A good candidate for automation: energy. Most markets only have a few big energy suppliers, and most energy invoices will look relatively similar. It is easier to digitise that sort of data. Energy is also a big driver of emissions and therefore a meaningful contributor to your inventory.

A bad candidate for automation: waste. In most organisations, waste is a small contributor to your emissions inventory (1-2%). The data is fragmented and rarely in a structured format for easy digitisation. It is not meaningful or easy enough to be worth the effort to automate that.


Identify what doesn’t need to be automated. Think about where your data comes from. Most of your vendors are likely to be pushing a particular platform/ software e.g., energy management platform, waste management platform, water platform. This can create a tech stack mess. You need to ensure that your data infrastructure can integrate into other platforms.

What to look for in a data management system

Flexibility: Having a flexible system early on will cater for evolving regulations and customer/consumer demands. Consider how the system is set up, what formats you can export & import in (e.g. JPEG, CSV, PDF), and how you can slice and dice data (e.g., by product, ingredient and location.)

Scalability: G-suite-based systems aren’t going to keep up as your company grows and regulations evolve. Prioritise a system that can easily ingest different data formats and engage multiple users across different teams.

Security:  As emissions data becomes increasingly accurate, it starts to represent a real cut of your intellectual property and should therefore be treated sensitively. Be aware of email-based requests for emissions data, it is not secure.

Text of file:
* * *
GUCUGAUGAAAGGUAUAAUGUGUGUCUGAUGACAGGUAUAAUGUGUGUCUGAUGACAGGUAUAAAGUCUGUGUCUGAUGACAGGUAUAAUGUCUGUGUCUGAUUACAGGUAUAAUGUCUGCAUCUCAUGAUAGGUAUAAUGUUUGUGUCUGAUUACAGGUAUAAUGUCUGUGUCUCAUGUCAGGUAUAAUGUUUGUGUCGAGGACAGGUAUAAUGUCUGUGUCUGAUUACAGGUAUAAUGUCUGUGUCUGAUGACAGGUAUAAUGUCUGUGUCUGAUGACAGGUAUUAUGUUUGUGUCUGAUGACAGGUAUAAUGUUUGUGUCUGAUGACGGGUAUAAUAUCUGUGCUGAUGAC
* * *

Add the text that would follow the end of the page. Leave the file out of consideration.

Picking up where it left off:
Step 4
Optimising data gathering
Internal data gathering:


Split the task. Reach out to the individuals in the business who are data owners. Get them engaged early on so they feel involved in the journey. Build ongoing data gathering into their workflow to avoid having to be the ‘data chaser’.


Recognise and celebrate internal contributions to energise people behind taking action.


Communicate the time investment. Data gathering is a long-term project, not a 3/4 month sprint.  As sustainability standards rapidly evolve, companies will need to continually work and report on data. Caveat this from the start to manage expectations.

Supply chain data gathering:

Even with the best of intentions, most suppliers have a deep-rooted aversion to sharing data with their customers unless the data is:

In their favour

Not business sensitive

To overcome this:


Build trust. Explain how the data is going to be used, and how it is not. Who will see it, and who will not. Sharing data with the whole business vs just the sustainability team might affect the willingness of your suppliers to share data. Emphasise that the sustainability journey is shared and that emission-intensive data won’t adversely impact the relationship.


Be pragmatic. Understand what is actually possible and realistic for your suppliers to do given their size, sophistication, and location. Get a sense of what you can realistically expect.


Emphasise commonality. Not just in vision but in expectations and standards across your company, as well as peers in the space.


Show value. Is there any upside? Demonstrate why it would make sense for them to share their data, even if the positive value is coming further down the line e.g., highlight if you are planning a big PR push on this topic. Positioning them as your supplier of choice would be a significant value add for them.


Co-create value. Go one step further. If you anticipate that your customers will pay a premium for a lower-emission product, consider how you can share the value. Even if you don’t have clarity on the numbers or magnitude yet, it makes sense to put this on the table and co-create thinking of what is possible in the space.